Version 5.4 ~ Haruhi gave rock and roll to you.

5 July 2012: The End of Natsuiro Kiseki ~Air/My Purest Love for Sphere~

How do you know she's a witch?

Easily the biggest surprise of the season, Natsuiro Kiseki (A Summer-Colored Miracle) exceeded all my expectations by becoming my favorite show of spring 2012. From the promotional materials and early information, I assumed it would be a simple school comedy slapped together as an excuse to promote Sphere. Sphere, if you don't know, is one of those phony-baloney girl groups comprised solely of young voice actresses caramelized with syrupy J-Pop. Somewhat distressingly, Sphere is actually pretty good. And by pretty good, I mean I can't stop listening to them. Anyway, I don't actually know if Natsuiro Kiseki was designed to be a Sphere vehicle from the start, or if it was merely a coincidence the four members played the four leads, or if there was last-minute stunt casting involved, but the show wasn't something I had any interest in. I wasn't even entirely sure what it was about. Something about wishes?

Natsumi and Yuka
Are you crazy? Don't give Yuka Mountain Dew...err, Boo.

It turns out Natsuiro Kiseki is a situation comedy with a casual acceptance of magic powers. It's regularly funny and occasionally brilliant. Simple concepts executed well by charming characters—that's how Natsuiro Kiseki succeeds. I had no plans to watch it at all until I saw a blog post about the first episode featuring a screenshot of the girls flying in awkward terror. (A Splash Star airborne mahou shoujo insertion, this was not.) Even then, it was a close thing because the first episode had a disproportionate amount of bitching and not enough big-ass-rock mojo. Thankfully, episode two featured Saki and Natsumi stuck together and Rin taking one for the team. I was sold after that. Good physical comedy might not make for sophisticated viewing, but it is fun to watch.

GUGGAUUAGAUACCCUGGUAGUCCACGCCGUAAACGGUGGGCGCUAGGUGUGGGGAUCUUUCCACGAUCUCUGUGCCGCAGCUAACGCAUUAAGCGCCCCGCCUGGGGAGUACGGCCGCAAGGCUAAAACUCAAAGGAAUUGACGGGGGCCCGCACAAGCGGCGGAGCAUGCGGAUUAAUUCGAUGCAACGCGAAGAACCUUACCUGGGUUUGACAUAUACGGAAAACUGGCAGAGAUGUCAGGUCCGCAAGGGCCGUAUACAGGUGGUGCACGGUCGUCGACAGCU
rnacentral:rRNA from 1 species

Natsuiro Kiseki also features one-handed backhands.

All the characters in Natsuiro Kiseki work well together and there's genuine chemistry in the group, but I'm pleased Sunrise threw parity to the wind by making Saki far and away the best of the four. Look, Saki can't help being smarter, prettier, more athletic, and basically better in every way than everyone else. At least she doesn't lord it over people. I'm a fan of competent, confident characters who make everything they do look so easy, even if all she's doing is teaching a doubles partner how to keep her head in the game.

It turns out Saki was a bit of a hellion when she was younger.

Saki easily earns a Girl of the Year nomination, and while I don't know if she'll win, Saki can at least say she earned her nomination while abstaining from vigorous intercourse, coldblooded murder, and casual nudity. Wait, not that last thing. Natsuiro Kiseki has an ensemble cast, and arguably Natsumi is the main girl, but it is Saki's summer, and it's very much Saki's show. It's also Saki's ending, and thankfully Natsuiro Kiseki—unlike Tasogare Otome x Amnesia—has a real ending, and Saki's summer miracles will never get the sequels they deserve, alas.

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Spring 2012 season wrapup »»

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